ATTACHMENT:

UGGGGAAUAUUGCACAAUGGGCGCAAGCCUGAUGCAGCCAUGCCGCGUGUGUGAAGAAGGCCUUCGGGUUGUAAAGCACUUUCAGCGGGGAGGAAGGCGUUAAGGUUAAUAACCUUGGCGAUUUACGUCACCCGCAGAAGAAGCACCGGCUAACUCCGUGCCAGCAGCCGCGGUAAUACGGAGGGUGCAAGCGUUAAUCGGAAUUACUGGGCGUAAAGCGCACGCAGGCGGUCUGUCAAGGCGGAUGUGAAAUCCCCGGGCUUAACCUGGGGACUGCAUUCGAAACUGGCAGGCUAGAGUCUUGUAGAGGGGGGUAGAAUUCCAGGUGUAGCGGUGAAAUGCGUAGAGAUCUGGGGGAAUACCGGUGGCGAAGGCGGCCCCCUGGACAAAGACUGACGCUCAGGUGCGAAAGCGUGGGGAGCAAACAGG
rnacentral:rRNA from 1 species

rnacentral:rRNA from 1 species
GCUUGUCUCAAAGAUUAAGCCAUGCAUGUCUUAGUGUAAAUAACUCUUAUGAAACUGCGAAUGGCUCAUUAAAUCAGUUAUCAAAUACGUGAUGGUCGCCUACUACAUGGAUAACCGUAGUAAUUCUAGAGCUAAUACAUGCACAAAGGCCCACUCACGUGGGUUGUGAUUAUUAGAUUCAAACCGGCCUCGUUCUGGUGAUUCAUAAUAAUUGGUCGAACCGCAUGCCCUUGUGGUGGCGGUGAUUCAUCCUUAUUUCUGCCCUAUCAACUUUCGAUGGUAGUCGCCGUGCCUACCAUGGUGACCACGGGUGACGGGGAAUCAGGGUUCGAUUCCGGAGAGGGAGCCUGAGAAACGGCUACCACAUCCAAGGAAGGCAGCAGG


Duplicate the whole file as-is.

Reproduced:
UGGGGAAUAUUGCACAAUGGGCGCAAGCCUGAUGCAGCCAUGCCGCGUGUGUGAAGAAGGCCUUCGGGUUGUAAAGCACUUUCAGCGGGGAGGAAGGCGUUAAGGUUAAUAACCUUGGCGAUUUACGUCACCCGCAGAAGAAGCACCGGCUAACUCCGUGCCAGCAGCCGCGGUAAUACGGAGGGUGCAAGCGUUAAUCGGAAUUACUGGGCGUAAAGCGCACGCAGGCGGUCUGUCAAGGCGGAUGUGAAAUCCCCGGGCUUAACCUGGGGACUGCAUUCGAAACUGGCAGGCUAGAGUCUUGUAGAGGGGGGUAGAAUUCCAGGUGUAGCGGUGAAAUGCGUAGAGAUCUGGGGGAAUACCGGUGGCGAAGGCGGCCCCCUGGACAAAGACUGACGCUCAGGUGCGAAAGCGUGGGGAGCAAACAGG
rnacentral:rRNA from 1 species

rnacentral:rRNA from 1 species
GCUUGUCUCAAAGAUUAAGCCAUGCAUGUCUUAGUGUAAAUAACUCUUAUGAAACUGCGAAUGGCUCAUUAAAUCAGUUAUCAAAUACGUGAUGGUCGCCUACUACAUGGAUAACCGUAGUAAUUCUAGAGCUAAUACAUGCACAAAGGCCCACUCACGUGGGUUGUGAUUAUUAGAUUCAAACCGGCCUCGUUCUGGUGAUUCAUAAUAAUUGGUCGAACCGCAUGCCCUUGUGGUGGCGGUGAUUCAUCCUUAUUUCUGCCCUAUCAACUUUCGAUGGUAGUCGCCGUGCCUACCAUGGUGACCACGGGUGACGGGGAAUCAGGGUUCGAUUCCGGAGAGGGAGCCUGAGAAACGGCUACCACAUCCAAGGAAGGCAGCAGG